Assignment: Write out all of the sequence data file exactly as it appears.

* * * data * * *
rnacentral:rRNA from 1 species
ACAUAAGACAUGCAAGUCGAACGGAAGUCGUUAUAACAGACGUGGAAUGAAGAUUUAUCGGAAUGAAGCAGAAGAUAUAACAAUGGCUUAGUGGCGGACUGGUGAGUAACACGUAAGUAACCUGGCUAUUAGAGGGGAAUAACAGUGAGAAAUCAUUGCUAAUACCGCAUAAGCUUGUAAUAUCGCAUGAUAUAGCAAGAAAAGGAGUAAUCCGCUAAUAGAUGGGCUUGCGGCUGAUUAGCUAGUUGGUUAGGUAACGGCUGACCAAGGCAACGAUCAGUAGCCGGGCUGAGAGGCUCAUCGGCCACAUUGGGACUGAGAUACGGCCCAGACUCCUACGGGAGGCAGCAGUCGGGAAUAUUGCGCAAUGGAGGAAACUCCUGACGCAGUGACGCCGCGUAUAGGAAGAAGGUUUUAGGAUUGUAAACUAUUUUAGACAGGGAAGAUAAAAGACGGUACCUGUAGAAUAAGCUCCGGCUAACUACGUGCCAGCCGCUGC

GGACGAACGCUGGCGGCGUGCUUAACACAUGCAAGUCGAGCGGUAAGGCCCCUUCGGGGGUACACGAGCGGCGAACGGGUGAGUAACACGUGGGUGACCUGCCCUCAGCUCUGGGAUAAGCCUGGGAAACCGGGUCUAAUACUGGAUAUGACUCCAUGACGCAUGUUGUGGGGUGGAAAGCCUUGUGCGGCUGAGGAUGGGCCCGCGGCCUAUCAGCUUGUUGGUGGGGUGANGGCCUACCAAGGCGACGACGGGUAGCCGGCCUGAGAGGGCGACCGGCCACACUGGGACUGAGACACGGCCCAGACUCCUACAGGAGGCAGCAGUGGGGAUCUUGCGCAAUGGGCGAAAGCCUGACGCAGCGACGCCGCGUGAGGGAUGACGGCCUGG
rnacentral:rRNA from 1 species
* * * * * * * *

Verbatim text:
rnacentral:rRNA from 1 species
ACAUAAGACAUGCAAGUCGAACGGAAGUCGUUAUAACAGACGUGGAAUGAAGAUUUAUCGGAAUGAAGCAGAAGAUAUAACAAUGGCUUAGUGGCGGACUGGUGAGUAACACGUAAGUAACCUGGCUAUUAGAGGGGAAUAACAGUGAGAAAUCAUUGCUAAUACCGCAUAAGCUUGUAAUAUCGCAUGAUAUAGCAAGAAAAGGAGUAAUCCGCUAAUAGAUGGGCUUGCGGCUGAUUAGCUAGUUGGUUAGGUAACGGCUGACCAAGGCAACGAUCAGUAGCCGGGCUGAGAGGCUCAUCGGCCACAUUGGGACUGAGAUACGGCCCAGACUCCUACGGGAGGCAGCAGUCGGGAAUAUUGCGCAAUGGAGGAAACUCCUGACGCAGUGACGCCGCGUAUAGGAAGAAGGUUUUAGGAUUGUAAACUAUUUUAGACAGGGAAGAUAAAAGACGGUACCUGUAGAAUAAGCUCCGGCUAACUACGUGCCAGCCGCUGC

GGACGAACGCUGGCGGCGUGCUUAACACAUGCAAGUCGAGCGGUAAGGCCCCUUCGGGGGUACACGAGCGGCGAACGGGUGAGUAACACGUGGGUGACCUGCCCUCAGCUCUGGGAUAAGCCUGGGAAACCGGGUCUAAUACUGGAUAUGACUCCAUGACGCAUGUUGUGGGGUGGAAAGCCUUGUGCGGCUGAGGAUGGGCCCGCGGCCUAUCAGCUUGUUGGUGGGGUGANGGCCUACCAAGGCGACGACGGGUAGCCGGCCUGAGAGGGCGACCGGCCACACUGGGACUGAGACACGGCCCAGACUCCUACAGGAGGCAGCAGUGGGGAUCUUGCGCAAUGGGCGAAAGCCUGACGCAGCGACGCCGCGUGAGGGAUGACGGCCUGG
rnacentral:rRNA from 1 species